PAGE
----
Richard Ohmann, Benjamin Waite Professor of the English Language, Emeritus, died Oct. 8 at the age of 90.
Ohmann received his BA from Oberlin College and his MA and PhD from Harvard University. He arrived at Wesleyan in 1961 and, until his retirement in 1996, served in many roles and helped to shape the future of Wesleyan.
Joel Pfister, Olin Professor of English, sketched Ohmann’s trajectory: “He was promoted rapidly to full professor; was appointed vice president and provost; protested on national TV against the Vietnam War; was elected vice president of the Modern Language Association (MLA) on an antiwar platform; founded with some other lefty luminaries the fabulous journal Radical Teacher; completely freaked out English departments everywhere with his powerful and hugely influential Marxist critique of the reigning constructions of the field in English in America (1976); and went on to write several more field-changing books (one with his friend Noam Chomsky), including Politics of Letters (1987) and Selling Culture (1996).”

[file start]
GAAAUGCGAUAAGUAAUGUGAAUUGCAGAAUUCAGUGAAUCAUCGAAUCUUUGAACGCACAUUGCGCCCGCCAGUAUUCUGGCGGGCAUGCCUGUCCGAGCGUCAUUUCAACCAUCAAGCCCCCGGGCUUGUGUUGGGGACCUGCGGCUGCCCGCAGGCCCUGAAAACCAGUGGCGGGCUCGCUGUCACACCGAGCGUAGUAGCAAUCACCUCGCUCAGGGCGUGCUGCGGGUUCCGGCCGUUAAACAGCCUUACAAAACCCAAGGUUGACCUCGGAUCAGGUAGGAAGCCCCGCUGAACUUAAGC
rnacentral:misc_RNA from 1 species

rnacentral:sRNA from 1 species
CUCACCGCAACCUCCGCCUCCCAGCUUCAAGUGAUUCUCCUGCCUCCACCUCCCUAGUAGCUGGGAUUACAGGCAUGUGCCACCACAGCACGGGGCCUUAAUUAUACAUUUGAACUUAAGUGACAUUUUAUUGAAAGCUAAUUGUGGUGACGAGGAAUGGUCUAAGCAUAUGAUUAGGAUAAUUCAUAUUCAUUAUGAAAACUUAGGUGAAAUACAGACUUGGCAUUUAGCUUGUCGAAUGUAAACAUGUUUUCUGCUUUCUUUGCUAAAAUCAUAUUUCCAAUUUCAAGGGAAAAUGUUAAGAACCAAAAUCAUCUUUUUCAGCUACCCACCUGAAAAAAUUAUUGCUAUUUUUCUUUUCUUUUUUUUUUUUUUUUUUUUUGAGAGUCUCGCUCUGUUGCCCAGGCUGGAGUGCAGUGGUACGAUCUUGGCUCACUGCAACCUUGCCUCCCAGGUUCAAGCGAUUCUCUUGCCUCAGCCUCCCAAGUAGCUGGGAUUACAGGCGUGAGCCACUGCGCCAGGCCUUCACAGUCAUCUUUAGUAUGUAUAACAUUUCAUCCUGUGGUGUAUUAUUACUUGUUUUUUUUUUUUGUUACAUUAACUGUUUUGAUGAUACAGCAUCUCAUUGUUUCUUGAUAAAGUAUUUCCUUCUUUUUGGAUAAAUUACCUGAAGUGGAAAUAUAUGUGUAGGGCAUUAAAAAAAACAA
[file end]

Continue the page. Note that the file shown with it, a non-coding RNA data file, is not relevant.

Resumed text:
Henry Abelove, Willbur Fisk Osborne Professor of English, Emeritus, commented: “No one did more than he to guide Wesleyan in absorbing the best of the lessons of the social movements of the 1960s.”